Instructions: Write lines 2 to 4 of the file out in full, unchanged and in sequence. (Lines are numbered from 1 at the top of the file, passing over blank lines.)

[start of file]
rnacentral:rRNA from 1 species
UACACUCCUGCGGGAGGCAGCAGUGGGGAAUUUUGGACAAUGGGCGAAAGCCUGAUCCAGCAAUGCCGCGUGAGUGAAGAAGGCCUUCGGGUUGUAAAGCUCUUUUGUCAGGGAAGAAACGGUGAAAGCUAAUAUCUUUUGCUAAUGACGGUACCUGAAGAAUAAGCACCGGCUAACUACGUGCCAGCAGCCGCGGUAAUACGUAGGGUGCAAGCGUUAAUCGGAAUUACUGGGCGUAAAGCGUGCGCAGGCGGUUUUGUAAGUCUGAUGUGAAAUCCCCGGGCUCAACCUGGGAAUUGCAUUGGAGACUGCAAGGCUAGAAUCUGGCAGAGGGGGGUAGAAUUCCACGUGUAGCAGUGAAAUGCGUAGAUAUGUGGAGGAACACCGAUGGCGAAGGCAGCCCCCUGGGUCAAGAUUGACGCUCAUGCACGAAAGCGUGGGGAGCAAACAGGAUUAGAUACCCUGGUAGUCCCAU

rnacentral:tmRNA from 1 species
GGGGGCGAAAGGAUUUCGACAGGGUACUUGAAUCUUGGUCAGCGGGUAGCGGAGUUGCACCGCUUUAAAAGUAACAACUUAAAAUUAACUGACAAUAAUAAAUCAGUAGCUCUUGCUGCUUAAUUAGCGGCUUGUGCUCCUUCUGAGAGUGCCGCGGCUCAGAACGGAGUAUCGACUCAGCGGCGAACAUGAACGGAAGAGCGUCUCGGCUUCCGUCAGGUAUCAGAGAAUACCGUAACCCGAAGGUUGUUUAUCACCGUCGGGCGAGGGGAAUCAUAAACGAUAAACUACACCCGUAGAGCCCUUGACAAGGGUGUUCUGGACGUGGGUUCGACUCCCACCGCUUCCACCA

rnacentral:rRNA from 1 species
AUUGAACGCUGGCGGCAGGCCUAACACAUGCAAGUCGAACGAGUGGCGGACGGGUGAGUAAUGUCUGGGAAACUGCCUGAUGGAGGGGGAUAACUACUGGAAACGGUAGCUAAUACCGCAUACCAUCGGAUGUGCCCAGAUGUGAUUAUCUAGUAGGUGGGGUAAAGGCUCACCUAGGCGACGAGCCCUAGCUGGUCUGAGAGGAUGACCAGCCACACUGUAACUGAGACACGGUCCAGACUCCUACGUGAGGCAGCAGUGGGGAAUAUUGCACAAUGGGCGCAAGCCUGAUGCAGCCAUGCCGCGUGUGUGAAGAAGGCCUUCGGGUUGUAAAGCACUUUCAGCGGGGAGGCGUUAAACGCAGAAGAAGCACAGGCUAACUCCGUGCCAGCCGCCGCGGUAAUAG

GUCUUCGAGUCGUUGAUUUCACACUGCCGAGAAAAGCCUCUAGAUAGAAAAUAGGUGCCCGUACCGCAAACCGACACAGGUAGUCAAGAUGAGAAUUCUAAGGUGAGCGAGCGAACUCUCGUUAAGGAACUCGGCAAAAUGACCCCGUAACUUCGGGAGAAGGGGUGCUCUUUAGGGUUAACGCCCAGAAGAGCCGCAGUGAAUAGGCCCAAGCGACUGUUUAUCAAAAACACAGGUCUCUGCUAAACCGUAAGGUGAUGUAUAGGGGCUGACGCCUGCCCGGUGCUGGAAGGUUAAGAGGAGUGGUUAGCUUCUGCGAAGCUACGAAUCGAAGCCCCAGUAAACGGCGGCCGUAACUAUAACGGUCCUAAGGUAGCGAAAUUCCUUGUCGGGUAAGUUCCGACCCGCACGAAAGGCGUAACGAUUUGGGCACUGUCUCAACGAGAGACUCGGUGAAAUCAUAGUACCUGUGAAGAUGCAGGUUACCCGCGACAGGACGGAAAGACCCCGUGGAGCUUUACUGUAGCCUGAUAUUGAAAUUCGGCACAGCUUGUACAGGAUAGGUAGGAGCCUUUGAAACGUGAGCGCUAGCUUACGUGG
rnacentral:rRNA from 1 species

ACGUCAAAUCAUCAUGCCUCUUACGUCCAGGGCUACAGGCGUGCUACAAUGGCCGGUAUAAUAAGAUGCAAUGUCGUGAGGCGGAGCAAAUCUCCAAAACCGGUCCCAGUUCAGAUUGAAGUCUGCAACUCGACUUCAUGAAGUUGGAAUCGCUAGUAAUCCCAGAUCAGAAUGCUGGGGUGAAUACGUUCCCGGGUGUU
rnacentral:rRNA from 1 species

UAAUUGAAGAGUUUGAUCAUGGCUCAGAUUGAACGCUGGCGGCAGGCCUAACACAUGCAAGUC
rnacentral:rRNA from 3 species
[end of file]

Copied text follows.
UACACUCCUGCGGGAGGCAGCAGUGGGGAAUUUUGGACAAUGGGCGAAAGCCUGAUCCAGCAAUGCCGCGUGAGUGAAGAAGGCCUUCGGGUUGUAAAGCUCUUUUGUCAGGGAAGAAACGGUGAAAGCUAAUAUCUUUUGCUAAUGACGGUACCUGAAGAAUAAGCACCGGCUAACUACGUGCCAGCAGCCGCGGUAAUACGUAGGGUGCAAGCGUUAAUCGGAAUUACUGGGCGUAAAGCGUGCGCAGGCGGUUUUGUAAGUCUGAUGUGAAAUCCCCGGGCUCAACCUGGGAAUUGCAUUGGAGACUGCAAGGCUAGAAUCUGGCAGAGGGGGGUAGAAUUCCACGUGUAGCAGUGAAAUGCGUAGAUAUGUGGAGGAACACCGAUGGCGAAGGCAGCCCCCUGGGUCAAGAUUGACGCUCAUGCACGAAAGCGUGGGGAGCAAACAGGAUUAGAUACCCUGGUAGUCCCAU

rnacentral:tmRNA from 1 species
GGGGGCGAAAGGAUUUCGACAGGGUACUUGAAUCUUGGUCAGCGGGUAGCGGAGUUGCACCGCUUUAAAAGUAACAACUUAAAAUUAACUGACAAUAAUAAAUCAGUAGCUCUUGCUGCUUAAUUAGCGGCUUGUGCUCCUUCUGAGAGUGCCGCGGCUCAGAACGGAGUAUCGACUCAGCGGCGAACAUGAACGGAAGAGCGUCUCGGCUUCCGUCAGGUAUCAGAGAAUACCGUAACCCGAAGGUUGUUUAUCACCGUCGGGCGAGGGGAAUCAUAAACGAUAAACUACACCCGUAGAGCCCUUGACAAGGGUGUUCUGGACGUGGGUUCGACUCCCACCGCUUCCACCA